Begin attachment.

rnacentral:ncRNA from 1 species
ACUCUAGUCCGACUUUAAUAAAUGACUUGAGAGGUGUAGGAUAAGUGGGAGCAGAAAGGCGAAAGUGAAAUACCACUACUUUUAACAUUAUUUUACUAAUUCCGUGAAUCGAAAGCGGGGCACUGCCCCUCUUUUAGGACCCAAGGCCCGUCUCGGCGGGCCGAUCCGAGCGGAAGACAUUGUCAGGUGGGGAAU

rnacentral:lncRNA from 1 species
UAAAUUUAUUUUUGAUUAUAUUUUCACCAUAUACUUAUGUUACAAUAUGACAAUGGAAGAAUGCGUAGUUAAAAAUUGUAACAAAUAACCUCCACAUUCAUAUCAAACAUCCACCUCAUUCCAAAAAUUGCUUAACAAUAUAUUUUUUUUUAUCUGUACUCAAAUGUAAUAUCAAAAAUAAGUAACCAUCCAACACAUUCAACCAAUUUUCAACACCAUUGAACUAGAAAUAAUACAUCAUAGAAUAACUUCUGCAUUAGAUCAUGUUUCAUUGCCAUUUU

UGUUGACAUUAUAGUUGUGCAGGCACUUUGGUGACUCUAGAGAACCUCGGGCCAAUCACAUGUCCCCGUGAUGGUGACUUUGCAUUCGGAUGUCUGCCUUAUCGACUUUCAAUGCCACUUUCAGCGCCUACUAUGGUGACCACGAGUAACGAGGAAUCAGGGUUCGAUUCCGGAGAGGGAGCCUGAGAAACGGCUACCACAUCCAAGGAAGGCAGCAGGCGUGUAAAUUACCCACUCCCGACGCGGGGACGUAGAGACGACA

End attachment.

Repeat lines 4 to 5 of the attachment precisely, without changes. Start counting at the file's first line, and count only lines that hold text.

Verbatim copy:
UAAAUUUAUUUUUGAUUAUAUUUUCACCAUAUACUUAUGUUACAAUAUGACAAUGGAAGAAUGCGUAGUUAAAAAUUGUAACAAAUAACCUCCACAUUCAUAUCAAACAUCCACCUCAUUCCAAAAAUUGCUUAACAAUAUAUUUUUUUUUAUCUGUACUCAAAUGUAAUAUCAAAAAUAAGUAACCAUCCAACACAUUCAACCAAUUUUCAACACCAUUGAACUAGAAAUAAUACAUCAUAGAAUAACUUCUGCAUUAGAUCAUGUUUCAUUGCCAUUUU

UGUUGACAUUAUAGUUGUGCAGGCACUUUGGUGACUCUAGAGAACCUCGGGCCAAUCACAUGUCCCCGUGAUGGUGACUUUGCAUUCGGAUGUCUGCCUUAUCGACUUUCAAUGCCACUUUCAGCGCCUACUAUGGUGACCACGAGUAACGAGGAAUCAGGGUUCGAUUCCGGAGAGGGAGCCUGAGAAACGGCUACCACAUCCAAGGAAGGCAGCAGGCGUGUAAAUUACCCACUCCCGACGCGGGGACGUAGAGACGACA